September 27, 2021

U.S. Senate
Washington, D.C. 20510

Dear Senator:

On behalf of the millions of members and supporters of the National Committee to Preserve Social Security and Medicare, I am writing to urge you to support H.R. 5305 – the Extending Government Funding and Delivering Emergency Assistance Act.  This legislation will extend funding for government operations through December 3, 2021, suspend the limit on the nation’s debt through December 16, 2022 and provide needed federal disaster relief funds.  It is essential that the Senate take up and pass this critical legislation, not only to protect our nation’s economy, but also to prevent the risk of significant economic harm specifically to the 65 million Americans who receive benefits through the Social Security program.

Social Security beneficiaries have earned their benefits through a lifetime of hard work and they rely on their benefit being paid on time and in full each and every month.  These payments are at risk of not being paid on schedule for the first time in our nation’s history.  Since the federal government has never defaulted on its debt obligations, we have never witnessed how a default would affect the payment of Social Security benefits.  In the past, most congressional budget experts believed that a default could disrupt benefit payment.  But now, the likelihood of benefits not being paid is higher than when a default was possible as a result of an impasse over the debt limit.

When Social Security’s Trust Funds were in surplus, Treasury had no need to borrow money to pay benefits so Social Security beneficiaries were largely insulated from the direct implications of a default.  This year is different.  Social Security is no longer in surplus.  It is drawing down on the surpluses that have been intentionally built up over the past four decades to cover the anticipated retirement of the baby boom generation.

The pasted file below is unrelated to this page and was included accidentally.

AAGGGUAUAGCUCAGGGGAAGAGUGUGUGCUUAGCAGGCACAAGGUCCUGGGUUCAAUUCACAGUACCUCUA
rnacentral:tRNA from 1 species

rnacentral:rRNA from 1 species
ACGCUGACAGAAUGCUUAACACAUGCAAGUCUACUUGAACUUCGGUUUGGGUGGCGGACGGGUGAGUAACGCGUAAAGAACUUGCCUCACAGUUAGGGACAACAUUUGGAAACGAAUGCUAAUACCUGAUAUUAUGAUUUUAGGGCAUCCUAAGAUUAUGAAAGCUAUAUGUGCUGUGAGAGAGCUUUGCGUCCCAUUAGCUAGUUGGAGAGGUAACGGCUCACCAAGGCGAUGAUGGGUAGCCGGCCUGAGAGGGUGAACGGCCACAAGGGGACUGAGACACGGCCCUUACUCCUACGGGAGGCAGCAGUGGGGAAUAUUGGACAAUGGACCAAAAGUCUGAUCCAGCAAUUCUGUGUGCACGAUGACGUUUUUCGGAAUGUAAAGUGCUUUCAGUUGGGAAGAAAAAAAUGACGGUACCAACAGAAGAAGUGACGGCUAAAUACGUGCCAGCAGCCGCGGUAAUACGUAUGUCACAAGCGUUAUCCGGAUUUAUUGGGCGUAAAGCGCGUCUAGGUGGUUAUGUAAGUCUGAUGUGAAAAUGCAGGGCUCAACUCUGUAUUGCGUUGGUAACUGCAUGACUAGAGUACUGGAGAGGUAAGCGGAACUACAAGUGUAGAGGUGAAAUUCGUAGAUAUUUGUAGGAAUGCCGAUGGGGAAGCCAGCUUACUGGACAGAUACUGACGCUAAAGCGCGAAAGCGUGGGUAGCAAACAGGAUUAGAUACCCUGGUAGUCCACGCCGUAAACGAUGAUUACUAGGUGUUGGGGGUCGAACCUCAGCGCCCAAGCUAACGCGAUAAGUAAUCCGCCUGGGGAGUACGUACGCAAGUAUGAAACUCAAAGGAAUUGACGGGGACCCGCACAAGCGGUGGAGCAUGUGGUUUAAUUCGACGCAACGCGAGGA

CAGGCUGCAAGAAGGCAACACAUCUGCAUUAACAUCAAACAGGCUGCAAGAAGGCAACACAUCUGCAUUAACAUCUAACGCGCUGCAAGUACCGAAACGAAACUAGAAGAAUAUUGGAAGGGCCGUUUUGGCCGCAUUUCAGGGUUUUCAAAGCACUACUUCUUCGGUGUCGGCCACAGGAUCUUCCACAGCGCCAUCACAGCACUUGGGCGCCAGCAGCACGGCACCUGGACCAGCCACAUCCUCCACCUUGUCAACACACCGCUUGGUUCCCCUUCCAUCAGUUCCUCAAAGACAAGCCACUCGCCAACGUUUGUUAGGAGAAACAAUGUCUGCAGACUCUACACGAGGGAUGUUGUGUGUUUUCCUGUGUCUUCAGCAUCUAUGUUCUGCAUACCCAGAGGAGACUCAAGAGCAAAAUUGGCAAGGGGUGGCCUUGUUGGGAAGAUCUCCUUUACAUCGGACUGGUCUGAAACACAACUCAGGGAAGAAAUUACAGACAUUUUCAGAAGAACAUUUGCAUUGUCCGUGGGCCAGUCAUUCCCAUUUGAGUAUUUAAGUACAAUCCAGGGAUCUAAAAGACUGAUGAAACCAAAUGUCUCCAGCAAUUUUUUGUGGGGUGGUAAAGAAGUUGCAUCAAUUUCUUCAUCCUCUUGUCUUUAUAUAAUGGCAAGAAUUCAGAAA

When Treasury can no longer borrow money because it has reached its authorized borrowing limit, it can no longer pay all of the nation’s bills on time and in full.  Because the bonds in the Social Security Trust Funds “count” toward that borrowing limit, Social Security benefits are placed at risk.  There are conflicting views among experts regarding whether the federal government has the legal authority to prioritize some bills over others, or which criteria Treasury might use to make those choices.  What we do know is that beginning in October Treasury will be required to pay approximately $90 billion in benefits to 65 million Social Security beneficiaries (including retirees, disabled workers, widows and widowers, children and spouses) and that these benefits are at serious risk of not being paid on time or in full for the first time in the program’s history.